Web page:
Mobile devices represent a significant data security issue for the enterprise and identity security for the individual. Smart phones store as much or more data than a computer. Even though many enterprise mobile applications have remote disabling, pin destruction or encryption, the fact that data still exists on the mobile device is often overlooked by IT departments. Old mobile devices carry risk in the form of personal or corporate data remaining on the phone after it is no longer in use.
If you are a company that supports BYOD for your employees, than chances are there are company files stored somewhere among the average user’s 250-499 GB worth of hard drive storage (combined digital devices storage space of the average user). As such, your company should be just as concerned as to what happens to those devices when they are refreshed or turned in for electronics recycling.
Most people think that a simple factory reset of the device wipes the data from the device, and in doing so, tend to have a clear conscience about the security of their data and other personal information. That line of thinking is not true, especially with the amount of data that is stored in the cloud and the simple act of turning on a device can restore access to that information.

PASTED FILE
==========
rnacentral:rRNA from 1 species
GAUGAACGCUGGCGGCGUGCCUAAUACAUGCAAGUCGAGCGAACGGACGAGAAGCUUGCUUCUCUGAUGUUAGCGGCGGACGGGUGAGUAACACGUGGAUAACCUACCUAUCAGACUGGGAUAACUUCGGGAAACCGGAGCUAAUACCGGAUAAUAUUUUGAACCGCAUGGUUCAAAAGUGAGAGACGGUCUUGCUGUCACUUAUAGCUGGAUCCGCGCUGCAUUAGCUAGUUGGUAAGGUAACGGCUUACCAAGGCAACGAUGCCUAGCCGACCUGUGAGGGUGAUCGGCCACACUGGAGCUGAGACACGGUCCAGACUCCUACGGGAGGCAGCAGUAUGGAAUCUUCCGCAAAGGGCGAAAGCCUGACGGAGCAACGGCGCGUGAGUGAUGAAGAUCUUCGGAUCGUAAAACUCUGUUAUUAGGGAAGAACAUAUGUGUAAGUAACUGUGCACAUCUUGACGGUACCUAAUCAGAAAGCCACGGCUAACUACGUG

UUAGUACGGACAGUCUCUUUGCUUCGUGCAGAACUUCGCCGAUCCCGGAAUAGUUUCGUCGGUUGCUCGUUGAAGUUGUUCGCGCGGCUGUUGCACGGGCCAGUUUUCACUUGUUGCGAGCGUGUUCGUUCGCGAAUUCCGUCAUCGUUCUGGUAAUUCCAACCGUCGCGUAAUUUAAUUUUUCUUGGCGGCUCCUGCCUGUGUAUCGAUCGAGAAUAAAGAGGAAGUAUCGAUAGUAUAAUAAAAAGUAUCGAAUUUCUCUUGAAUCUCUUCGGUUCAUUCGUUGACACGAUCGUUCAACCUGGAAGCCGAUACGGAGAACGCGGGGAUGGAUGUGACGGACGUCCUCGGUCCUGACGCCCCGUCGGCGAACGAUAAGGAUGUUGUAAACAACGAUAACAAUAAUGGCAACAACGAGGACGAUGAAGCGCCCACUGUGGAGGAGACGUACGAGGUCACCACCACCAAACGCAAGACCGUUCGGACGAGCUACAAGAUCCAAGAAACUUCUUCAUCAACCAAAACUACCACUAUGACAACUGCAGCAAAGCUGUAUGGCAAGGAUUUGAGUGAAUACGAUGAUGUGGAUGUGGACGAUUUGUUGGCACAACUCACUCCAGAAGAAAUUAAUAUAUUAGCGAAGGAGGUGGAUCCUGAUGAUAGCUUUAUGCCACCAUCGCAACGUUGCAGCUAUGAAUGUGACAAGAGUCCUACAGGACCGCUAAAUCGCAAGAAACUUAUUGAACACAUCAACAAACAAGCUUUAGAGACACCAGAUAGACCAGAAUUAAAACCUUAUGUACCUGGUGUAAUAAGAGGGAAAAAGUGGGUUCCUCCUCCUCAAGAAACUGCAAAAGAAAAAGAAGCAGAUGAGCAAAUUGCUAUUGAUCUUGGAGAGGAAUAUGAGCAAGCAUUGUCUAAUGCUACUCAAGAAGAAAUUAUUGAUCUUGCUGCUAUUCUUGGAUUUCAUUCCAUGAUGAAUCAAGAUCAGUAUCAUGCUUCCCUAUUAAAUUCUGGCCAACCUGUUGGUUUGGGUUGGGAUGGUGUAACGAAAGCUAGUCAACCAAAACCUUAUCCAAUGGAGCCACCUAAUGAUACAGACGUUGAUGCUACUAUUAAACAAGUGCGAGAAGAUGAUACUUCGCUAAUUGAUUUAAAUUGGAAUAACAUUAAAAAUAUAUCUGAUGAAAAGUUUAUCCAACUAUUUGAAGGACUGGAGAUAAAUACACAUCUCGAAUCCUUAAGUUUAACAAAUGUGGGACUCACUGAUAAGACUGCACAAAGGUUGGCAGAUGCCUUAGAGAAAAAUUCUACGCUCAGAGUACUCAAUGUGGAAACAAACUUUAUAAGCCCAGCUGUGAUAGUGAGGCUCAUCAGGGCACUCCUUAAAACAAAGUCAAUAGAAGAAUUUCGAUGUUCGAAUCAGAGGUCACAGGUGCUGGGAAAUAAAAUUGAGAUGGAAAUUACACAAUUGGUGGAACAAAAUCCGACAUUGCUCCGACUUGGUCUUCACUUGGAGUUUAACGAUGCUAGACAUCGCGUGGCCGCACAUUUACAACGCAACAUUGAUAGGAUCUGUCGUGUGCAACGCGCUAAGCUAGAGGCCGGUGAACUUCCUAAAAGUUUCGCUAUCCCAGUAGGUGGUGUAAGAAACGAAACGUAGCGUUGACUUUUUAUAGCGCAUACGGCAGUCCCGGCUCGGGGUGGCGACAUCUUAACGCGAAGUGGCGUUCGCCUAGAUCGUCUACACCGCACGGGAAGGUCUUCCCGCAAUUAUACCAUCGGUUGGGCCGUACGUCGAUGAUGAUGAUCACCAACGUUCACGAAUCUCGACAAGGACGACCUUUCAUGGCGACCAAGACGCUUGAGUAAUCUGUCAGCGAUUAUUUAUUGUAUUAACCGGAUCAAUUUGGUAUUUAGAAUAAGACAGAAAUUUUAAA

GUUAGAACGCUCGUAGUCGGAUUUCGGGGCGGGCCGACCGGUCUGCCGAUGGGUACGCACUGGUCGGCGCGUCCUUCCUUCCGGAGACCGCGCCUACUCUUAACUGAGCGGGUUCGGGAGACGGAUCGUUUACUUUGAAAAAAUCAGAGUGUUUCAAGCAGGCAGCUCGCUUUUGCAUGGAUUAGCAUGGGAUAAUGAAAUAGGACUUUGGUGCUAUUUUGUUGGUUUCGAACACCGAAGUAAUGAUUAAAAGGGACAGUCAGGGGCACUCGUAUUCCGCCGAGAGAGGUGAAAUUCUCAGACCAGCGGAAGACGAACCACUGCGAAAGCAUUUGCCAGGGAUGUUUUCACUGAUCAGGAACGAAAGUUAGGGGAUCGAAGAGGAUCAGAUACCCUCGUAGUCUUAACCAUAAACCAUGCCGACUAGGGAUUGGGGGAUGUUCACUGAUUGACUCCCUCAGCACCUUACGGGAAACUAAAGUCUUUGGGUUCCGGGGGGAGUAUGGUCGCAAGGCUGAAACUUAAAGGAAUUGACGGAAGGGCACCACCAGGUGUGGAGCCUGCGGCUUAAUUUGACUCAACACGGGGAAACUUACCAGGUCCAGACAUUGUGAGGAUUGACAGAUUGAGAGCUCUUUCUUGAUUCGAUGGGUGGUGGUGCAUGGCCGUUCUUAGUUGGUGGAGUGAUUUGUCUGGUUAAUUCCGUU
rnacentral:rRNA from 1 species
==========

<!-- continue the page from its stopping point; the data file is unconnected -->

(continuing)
Responsible mobile asset disposition ensures no personal or corporate data ever falls into the wrong hands and that proper data erasure measures are taken. Strategically partnering with an IT and mobile asset disposition provider addresses the challenges of erasing data from a vast array of makes and models of cellular phones and mobile devices, including phones, SIM cards, and flash cards. This data is purged in a safe and secure environment so the devices can reenter the marketplace or be recycled responsibly.
An interesting topic that just recently became an issue is biometric security, meaning fingerprint and eye scanners implemented on mobile devices. While it’s ideal for the consumer, it has turned into an IT nightmare at BYOD-friendly corporations. BYOD is taking the corporate world by storm. If employees are using their personal devices in the office and are securing them with their fingerprints or, eventually, eye scanners, IT staff will have serious trouble gaining access to those devices and ensuring device security.
An estimated 1.6 million smartphones were stolen in the U.S. in 2012 and the numbers continue to rise. FCC figures indicate that smartphone thefts account for 30% to 40% of all robberies nationwide. A kill switch allows users to disable their devices if they are lost or stolen and would greatly decrease the desire of smartphone theft. California seems to be leading this debate, with pending legislation insisting that their outrageous smartphone theft rate will lower with this technology.